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Drug consumption is a world problem of epidemic character with severe health and social consequences that affects all countries, no matter their development level.

 

To face this problem the organized participation of society is required, through actions based on evidence that put the health of individuals and communities before other interests.   

 

There are voices that are in favor of the legalization of drugs and a free market, which ignore the positive results of interventions based on evidence.

 

They propose a free market in marijuana by presenting decision makers with arguments that are simplistic, biased and, at times, openly false.

 

We, women and men working for health and against addictions, representatives of important networks of civil society from different regions of the world:

 

  • Recognizing that the propagation of the consumption of psychoactive substances is a world problem, with severe consequences for the public health and security of countries, which requires international cooperation,

 

  • Seriously worried about the increase in drug consumption and production in the world, particularly in developing countries, and the burden on families, society and national health systems,

 

  • Recognizing also that science has proved that marijuana consumption is a cause of mortality, morbidity and disability,

 

  • Recognizing also that there is clear scientific evidence that marijuana produces substance related disorders, such as abuse and dependence,

 

  • Recognizing also that most marijuana compounds and its smoke are pharmacologically active,

 

  • Recognizing also that there is scientific evidence which shows that prenatal marijuana exposure generates adverse conditions for the health and development of the child,

 

  • Seriously worried about the number of marijuana consumers among children and adolescents in the world, and particularly worried about the decreasing age of initial consumption,

 

  • Seriously worried about the increase in the number of marijuana consumers among women and girls in the world,

 

  • Recognizing also that the prevention of drug consumption has demonstrated to be an efficient strategy without any doubt,

 

  • Noting that, in line with the international drug control conventions, the use of education, prevention, treatment and rehabilitation is a better course of action than the criminalization of drug users,

 

  • Emphasizing that countries in development and with transition economies need enough financial and technical resources for drug prevention, assistance and care,

 

  • Aware of the valuable work on marihuana control of many States and emphasizing also the leadership of the United Nations (UN), mainly the United Nations Office on Drug and Crime (ONUDC), and World Health Organization as well as the efforts made by other international bodies,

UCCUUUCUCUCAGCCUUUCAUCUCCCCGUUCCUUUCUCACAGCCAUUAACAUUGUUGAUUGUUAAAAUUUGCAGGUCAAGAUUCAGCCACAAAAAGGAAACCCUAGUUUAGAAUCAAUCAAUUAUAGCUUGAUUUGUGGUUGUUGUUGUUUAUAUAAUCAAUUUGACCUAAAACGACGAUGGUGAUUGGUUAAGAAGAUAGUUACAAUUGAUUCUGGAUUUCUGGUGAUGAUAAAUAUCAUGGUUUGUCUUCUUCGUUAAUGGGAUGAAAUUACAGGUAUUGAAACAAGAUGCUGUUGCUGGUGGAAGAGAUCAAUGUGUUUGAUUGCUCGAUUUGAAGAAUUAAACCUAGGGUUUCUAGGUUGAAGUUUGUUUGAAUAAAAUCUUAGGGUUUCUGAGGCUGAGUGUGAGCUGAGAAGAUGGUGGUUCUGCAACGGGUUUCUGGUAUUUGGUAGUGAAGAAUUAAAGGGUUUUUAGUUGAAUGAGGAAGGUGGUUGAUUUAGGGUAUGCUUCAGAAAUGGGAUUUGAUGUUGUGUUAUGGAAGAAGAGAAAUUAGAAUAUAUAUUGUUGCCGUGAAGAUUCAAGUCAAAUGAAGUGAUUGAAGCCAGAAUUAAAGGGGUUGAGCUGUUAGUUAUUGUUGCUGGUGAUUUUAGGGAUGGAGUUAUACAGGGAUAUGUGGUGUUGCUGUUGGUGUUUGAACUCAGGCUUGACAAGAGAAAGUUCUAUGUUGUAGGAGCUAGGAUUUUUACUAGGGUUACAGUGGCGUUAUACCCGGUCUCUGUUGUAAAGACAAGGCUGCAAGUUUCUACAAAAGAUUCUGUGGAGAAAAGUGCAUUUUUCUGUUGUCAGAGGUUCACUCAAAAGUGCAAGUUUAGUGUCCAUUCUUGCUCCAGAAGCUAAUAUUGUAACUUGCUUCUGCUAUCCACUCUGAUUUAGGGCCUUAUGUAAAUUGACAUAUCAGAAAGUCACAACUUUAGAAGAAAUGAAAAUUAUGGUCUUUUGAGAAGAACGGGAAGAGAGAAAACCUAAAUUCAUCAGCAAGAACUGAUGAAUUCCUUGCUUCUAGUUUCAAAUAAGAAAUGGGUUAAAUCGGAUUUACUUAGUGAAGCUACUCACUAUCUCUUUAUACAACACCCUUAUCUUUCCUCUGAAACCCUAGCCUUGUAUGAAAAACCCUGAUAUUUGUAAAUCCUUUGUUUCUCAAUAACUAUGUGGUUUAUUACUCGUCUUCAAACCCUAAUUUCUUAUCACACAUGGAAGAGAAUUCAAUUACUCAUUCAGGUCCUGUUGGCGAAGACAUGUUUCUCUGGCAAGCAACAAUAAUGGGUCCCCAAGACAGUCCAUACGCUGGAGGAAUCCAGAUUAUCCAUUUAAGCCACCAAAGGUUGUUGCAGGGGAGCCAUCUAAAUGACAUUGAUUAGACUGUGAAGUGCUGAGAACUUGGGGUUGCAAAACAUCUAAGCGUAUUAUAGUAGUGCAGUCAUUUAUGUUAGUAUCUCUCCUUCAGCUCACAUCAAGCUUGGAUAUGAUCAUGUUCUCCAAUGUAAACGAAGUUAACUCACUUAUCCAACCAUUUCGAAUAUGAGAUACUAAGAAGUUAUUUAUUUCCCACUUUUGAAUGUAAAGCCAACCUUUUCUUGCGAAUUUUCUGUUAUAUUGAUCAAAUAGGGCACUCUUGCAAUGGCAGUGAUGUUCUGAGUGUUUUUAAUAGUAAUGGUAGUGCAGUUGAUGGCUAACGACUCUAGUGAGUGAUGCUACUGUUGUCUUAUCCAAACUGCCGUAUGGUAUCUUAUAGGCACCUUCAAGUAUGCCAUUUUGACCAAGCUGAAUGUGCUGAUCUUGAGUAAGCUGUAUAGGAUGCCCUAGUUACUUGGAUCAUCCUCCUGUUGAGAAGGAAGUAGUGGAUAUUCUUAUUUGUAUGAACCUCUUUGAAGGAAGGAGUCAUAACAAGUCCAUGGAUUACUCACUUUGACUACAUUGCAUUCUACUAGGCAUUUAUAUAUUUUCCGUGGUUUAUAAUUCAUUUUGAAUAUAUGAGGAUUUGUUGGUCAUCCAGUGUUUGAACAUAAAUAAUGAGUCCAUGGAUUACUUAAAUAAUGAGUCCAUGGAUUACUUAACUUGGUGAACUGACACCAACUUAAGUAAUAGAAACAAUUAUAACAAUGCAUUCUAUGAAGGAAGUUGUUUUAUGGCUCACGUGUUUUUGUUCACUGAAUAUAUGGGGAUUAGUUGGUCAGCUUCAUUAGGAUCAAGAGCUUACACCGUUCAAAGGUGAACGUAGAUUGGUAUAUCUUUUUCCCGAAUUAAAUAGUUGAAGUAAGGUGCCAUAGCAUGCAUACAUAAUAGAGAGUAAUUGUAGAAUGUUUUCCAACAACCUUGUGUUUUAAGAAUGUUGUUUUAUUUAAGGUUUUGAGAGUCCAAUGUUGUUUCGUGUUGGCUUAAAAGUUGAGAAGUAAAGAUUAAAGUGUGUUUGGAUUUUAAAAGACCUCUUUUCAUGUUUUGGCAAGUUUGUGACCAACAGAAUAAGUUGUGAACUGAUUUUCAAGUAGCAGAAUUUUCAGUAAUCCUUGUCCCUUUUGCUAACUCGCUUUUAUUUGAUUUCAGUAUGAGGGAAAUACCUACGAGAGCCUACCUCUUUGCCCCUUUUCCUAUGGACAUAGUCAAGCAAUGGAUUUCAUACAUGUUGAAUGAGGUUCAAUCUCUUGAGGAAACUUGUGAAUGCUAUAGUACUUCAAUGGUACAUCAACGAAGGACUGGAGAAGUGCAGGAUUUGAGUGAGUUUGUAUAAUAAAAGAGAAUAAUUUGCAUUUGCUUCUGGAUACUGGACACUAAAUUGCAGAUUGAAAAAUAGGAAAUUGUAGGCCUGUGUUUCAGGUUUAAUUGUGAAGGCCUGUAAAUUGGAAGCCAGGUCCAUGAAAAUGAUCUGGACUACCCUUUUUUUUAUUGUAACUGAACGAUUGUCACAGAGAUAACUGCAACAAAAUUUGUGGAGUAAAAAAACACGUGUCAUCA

• Emphasizing also the special contribution of the non-governmental organizations and the international networks,

 

  • And recalling that the countries around the world made a commitment to take actions for drug control through international treaties as the Single Convention on Narcotic Drugs of 1961 as amended by the Protocol of 25 March 1972; the Convention on Psychotropic Substances of 1971; the United Nations Convention against Illicit Traffic in Narcotic Drugs and Psychotropic Substances of 1988; the Political Declarations and Action Plans adopted at the UN General Assembly Special Session on the World Drug Problem (UNGASS 1998) and the Fifty-second session of the Commission on Narcotic Drugs (52 CND, Vienna 2009).

 

 

Therefore, in this World Congress on Addictions 2009 “Experiences based on evidence” we are committed to:

 

  • Advocate for greater resource management and the promotion of demand reduction services,

 

  • Call for the use of alternatives to incarceration and criminalization of drug users,

 

  • Get closer to decision makers and ask them to develop well-balanced national policies between supply reduction and demand reduction by means of prevention programs, early detection and opportune interventions, treatment, rehabilitation and diminishing the adverse health and social consequences as the best option to face this social phenomena,

 

  • Preserve the integral health of people as a value to be strengthened in our society

 

  • Propose public policies that are in favor of a clear commitment on demand reduction,

 

  • Advocate for the promotion of prevention,

 

  • Disseminate this call to action in the mass media,

 

  • Form a strong alliance in support of health promotion to oppose pressures in favor of and to fight against marijuana legalization.

 

 

 

We hereby call to action all those involved, governments, institutions, the mass media, the scientific community, legislators and civil society in general to mobilize political will in favor of prevention and the application of all the necessary resources to stop marijuana legalization.

 

 

 

Mrs. Carmen Fernández Cáceres

Director- General of Centros de Integración Juvenil (CIJ)

 

Mr.  Ake Setréus

Deputy General- Director of European Cities against Drugs (ECAD)

 

Mr. Alejandro Vassilaqui Castrillón

President of Drug Prevention Network of the Americas (DPNA)

 

Rev. Adélard Joseph André Bigras

Executive Member of the Drug Prevention Network of Canada (DPNOC)

Representative of the World Federation against Drugs (WFAD)

 

Dr. Elvia Velásquez de Pabón

President of the Latin American Association of Addictions (ALAD)

                     

Mr. Rogers Kasirye

Executive Director of Uganda Youth Development Link (UYDEL)

 

Mr. John Redman

Executive Director of Community Alliances for Drug Free Youth (CADFY)

 

Bishop Ron Allen

Director of the International Faith based Coalition


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